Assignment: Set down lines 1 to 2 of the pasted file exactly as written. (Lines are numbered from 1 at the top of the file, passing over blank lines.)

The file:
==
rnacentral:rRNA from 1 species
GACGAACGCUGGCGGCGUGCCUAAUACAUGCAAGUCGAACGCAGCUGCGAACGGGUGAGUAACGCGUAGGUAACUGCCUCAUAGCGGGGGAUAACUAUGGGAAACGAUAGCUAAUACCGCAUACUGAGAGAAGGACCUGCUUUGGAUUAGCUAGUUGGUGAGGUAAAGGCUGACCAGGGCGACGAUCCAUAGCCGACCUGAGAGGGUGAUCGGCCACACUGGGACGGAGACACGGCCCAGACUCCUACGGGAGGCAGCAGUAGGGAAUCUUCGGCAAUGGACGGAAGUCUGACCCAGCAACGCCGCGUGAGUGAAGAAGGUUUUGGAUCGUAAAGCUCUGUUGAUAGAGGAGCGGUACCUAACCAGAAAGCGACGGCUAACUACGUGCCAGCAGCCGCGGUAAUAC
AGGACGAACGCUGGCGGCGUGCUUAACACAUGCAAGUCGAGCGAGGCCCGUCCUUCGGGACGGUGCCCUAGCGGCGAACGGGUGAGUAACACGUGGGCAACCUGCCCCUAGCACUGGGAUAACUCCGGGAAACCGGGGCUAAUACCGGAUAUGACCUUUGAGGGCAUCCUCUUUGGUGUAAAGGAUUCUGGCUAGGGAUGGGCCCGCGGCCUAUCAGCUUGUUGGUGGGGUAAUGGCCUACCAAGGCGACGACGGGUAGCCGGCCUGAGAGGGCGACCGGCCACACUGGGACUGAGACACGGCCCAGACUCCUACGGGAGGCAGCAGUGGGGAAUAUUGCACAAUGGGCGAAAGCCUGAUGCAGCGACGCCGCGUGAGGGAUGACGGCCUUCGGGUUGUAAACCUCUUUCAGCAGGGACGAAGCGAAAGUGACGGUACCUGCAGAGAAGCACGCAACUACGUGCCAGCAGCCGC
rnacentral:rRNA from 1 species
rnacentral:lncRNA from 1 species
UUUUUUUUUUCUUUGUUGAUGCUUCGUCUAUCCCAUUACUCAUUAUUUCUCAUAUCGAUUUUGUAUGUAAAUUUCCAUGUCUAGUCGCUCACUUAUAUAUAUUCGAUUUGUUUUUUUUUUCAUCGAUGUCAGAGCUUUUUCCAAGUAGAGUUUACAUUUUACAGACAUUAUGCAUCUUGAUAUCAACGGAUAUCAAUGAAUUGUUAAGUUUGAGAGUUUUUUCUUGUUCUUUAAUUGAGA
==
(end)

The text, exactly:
rnacentral:rRNA from 1 species
GACGAACGCUGGCGGCGUGCCUAAUACAUGCAAGUCGAACGCAGCUGCGAACGGGUGAGUAACGCGUAGGUAACUGCCUCAUAGCGGGGGAUAACUAUGGGAAACGAUAGCUAAUACCGCAUACUGAGAGAAGGACCUGCUUUGGAUUAGCUAGUUGGUGAGGUAAAGGCUGACCAGGGCGACGAUCCAUAGCCGACCUGAGAGGGUGAUCGGCCACACUGGGACGGAGACACGGCCCAGACUCCUACGGGAGGCAGCAGUAGGGAAUCUUCGGCAAUGGACGGAAGUCUGACCCAGCAACGCCGCGUGAGUGAAGAAGGUUUUGGAUCGUAAAGCUCUGUUGAUAGAGGAGCGGUACCUAACCAGAAAGCGACGGCUAACUACGUGCCAGCAGCCGCGGUAAUAC